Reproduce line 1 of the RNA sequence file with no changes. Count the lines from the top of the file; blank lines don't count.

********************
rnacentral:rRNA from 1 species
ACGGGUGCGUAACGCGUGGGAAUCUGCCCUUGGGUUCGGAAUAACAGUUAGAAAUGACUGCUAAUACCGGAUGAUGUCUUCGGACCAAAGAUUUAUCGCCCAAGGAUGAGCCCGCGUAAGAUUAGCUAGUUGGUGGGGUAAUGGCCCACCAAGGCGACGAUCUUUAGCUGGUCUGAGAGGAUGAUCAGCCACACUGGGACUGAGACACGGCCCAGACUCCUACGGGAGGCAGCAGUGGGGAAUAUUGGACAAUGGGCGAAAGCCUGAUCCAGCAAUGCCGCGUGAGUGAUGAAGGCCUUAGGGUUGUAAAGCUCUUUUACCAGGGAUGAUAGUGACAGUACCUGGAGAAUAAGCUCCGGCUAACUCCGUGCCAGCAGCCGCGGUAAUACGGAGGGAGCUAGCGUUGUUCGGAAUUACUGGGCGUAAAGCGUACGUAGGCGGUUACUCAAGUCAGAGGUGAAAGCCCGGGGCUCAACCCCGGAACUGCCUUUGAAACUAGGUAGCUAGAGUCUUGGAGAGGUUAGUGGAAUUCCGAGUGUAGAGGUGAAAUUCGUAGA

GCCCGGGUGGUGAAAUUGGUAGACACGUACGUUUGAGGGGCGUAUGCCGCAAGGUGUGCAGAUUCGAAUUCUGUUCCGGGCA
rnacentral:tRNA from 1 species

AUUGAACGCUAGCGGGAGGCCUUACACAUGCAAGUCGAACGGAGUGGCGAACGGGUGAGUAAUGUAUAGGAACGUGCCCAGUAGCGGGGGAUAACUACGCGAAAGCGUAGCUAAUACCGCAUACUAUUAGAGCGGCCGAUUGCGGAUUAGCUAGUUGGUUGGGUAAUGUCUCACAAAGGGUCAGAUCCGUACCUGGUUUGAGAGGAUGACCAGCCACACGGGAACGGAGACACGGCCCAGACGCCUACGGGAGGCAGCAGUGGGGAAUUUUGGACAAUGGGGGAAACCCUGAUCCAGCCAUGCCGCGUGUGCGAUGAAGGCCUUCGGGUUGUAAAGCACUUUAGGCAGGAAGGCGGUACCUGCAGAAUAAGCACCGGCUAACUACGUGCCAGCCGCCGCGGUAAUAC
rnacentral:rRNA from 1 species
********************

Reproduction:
rnacentral:rRNA from 1 species